Help me find more books I would like!
May 1, 2014 1:30 PM   Subscribe

I realized I've just read and enjoyed several books built around the same theme/structure, and would like to find more. They generally involve a girl/young woman growing up sometime in the 20th century, usually in America, often told from the perspective of the character as a grown-up looking back and reflecting. Examples inside.

Books I've read recently and (mostly) enjoyed:
"We Are All Completely Beside Ourselves" - Karen Joy Fowler
"Yonahlossee Riding Camp for Girls" - Anton DiSclafani
"Last Summer of the Camperdowns" - Elizabeth Kelly
"Silver Star" and "The Glass Castle" - Jeanette Walls
"Among Others" - Jo Walton

If I liked these, what else should I read? Also open to similar stories about boys/young men, autobiographies, books not set in America. Thanks!
posted by skycrashesdown to Media & Arts (19 answers total) 26 users marked this as a favorite
True Grit is an excellent example, and it's brilliant and hilarious.
posted by 4th number at 1:38 PM on May 1, 2014 [2 favorites]

I haven't read the ones on your list, so I'm not sure my suggestion will be in line, but Susan Isaacs sort of does this in several of her novels. My favorites are Lily White and Almost Paradise.
posted by Kriesa at 1:42 PM on May 1, 2014

Ooh, I also like these kinds of books, and have read many on your list.

"Orphan Train" is similar.

For more autobiographical, you might like "Having Our Say" or "Growing Up."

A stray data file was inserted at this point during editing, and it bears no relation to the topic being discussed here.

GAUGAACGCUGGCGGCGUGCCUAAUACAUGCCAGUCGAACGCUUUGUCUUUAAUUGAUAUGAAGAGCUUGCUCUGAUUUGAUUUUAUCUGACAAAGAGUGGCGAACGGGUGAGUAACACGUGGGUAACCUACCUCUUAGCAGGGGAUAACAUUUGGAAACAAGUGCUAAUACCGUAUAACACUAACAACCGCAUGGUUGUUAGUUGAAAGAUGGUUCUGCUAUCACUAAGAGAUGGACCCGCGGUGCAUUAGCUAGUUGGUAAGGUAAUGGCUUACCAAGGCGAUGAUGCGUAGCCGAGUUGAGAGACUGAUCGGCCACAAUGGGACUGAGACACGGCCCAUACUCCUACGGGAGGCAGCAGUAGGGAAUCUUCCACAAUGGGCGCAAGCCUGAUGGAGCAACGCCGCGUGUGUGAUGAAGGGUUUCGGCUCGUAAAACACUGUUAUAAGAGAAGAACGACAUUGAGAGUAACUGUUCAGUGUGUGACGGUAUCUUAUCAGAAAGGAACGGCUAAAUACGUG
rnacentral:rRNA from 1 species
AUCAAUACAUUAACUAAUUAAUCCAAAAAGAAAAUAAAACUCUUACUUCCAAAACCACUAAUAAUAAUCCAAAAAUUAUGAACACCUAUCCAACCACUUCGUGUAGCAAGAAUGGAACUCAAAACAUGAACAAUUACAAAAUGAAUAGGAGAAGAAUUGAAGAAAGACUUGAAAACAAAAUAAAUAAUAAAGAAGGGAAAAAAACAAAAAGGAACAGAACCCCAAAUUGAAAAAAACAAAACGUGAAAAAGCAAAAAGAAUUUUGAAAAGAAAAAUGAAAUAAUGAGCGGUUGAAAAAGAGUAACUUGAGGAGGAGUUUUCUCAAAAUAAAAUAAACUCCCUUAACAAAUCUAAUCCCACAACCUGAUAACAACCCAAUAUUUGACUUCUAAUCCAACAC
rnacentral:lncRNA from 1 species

posted by umwhat at 1:50 PM on May 1, 2014

I read Prep after enjoying Yonahlossee Riding Camp so much and really liked it.
posted by shornco at 2:19 PM on May 1, 2014 [3 favorites]

Tell the Wolves I'm Home by Carol Rifka Brunt.
posted by ActionPopulated at 2:28 PM on May 1, 2014

Many of 2013 Nobel winner Alice Munro's short stories have the perspective of an adult looking back upon her earlier life. (She's Canadian.)
posted by Mr.Know-it-some at 2:29 PM on May 1, 2014

The Cure for Death by Lightning by Gail Anderson Dargatz is awesome, and occasionally spooky.
posted by 5_13_23_42_69_666 at 2:42 PM on May 1, 2014

A Tree Grows in Brooklyn by Betty Smith is exactly what you want.
posted by Rash at 3:06 PM on May 1, 2014 [7 favorites]

Stone Arabia and Eat the Document by Dana Spiotta.
posted by mykescipark at 3:28 PM on May 1, 2014

Cat's Eye by Margaret Atwood.
posted by If only I had a penguin... at 3:32 PM on May 1, 2014 [5 favorites]

Jessica Anderson's Tirra Lirra by the River follows this format but it is an Australian woman, not American (with party of her life spent in London).
posted by Trivia Newton John at 5:15 PM on May 1, 2014

A Grown up Kind of Pretty by Joshilyn Jackson

Fixing Delilah by Sarah Ockler

Dairy Queen by Catherine Gilbert Murdock
posted by okieangel at 5:22 PM on May 1, 2014

Seconding A Tree Grows in Brooklyn. I bet you would also like Willa Cather's My √Āntonia, which is written from the perspective of a grown man looking back on his female childhood friend. One of my favorite books of all time.
posted by whitewall at 6:32 PM on May 1, 2014 [1 favorite]

Behold: Tastekid! It's the best. Also, Anne Of Green Gables is terrific. I always assumed it was going to be lowbrow, overly-sentimental, i.e., disposable. But it's not! I have been reading it to one of my incapacitated residents at an assisted living facility, and it's just a terrific experience.
posted by jwhite1979 at 10:11 PM on May 1, 2014

I think you'd like Miriam Toews' A Complicated Kindness--it's very well written. The main character is a young woman growing up in a repressive Mennonite prairie town.
posted by hurdy gurdy girl at 11:26 PM on May 1, 2014

Daisy Fay and the Miracle Man by Fannie Flagg
posted by Ministry of Truth at 1:41 AM on May 2, 2014

Maybe "Special Topics in Calamity Physics" by Marisha Pessl.
posted by Snarl Furillo at 12:32 PM on May 2, 2014

You might like Dear Diary by Lesley Arfin.
posted by SisterHavana at 12:40 AM on May 4, 2014

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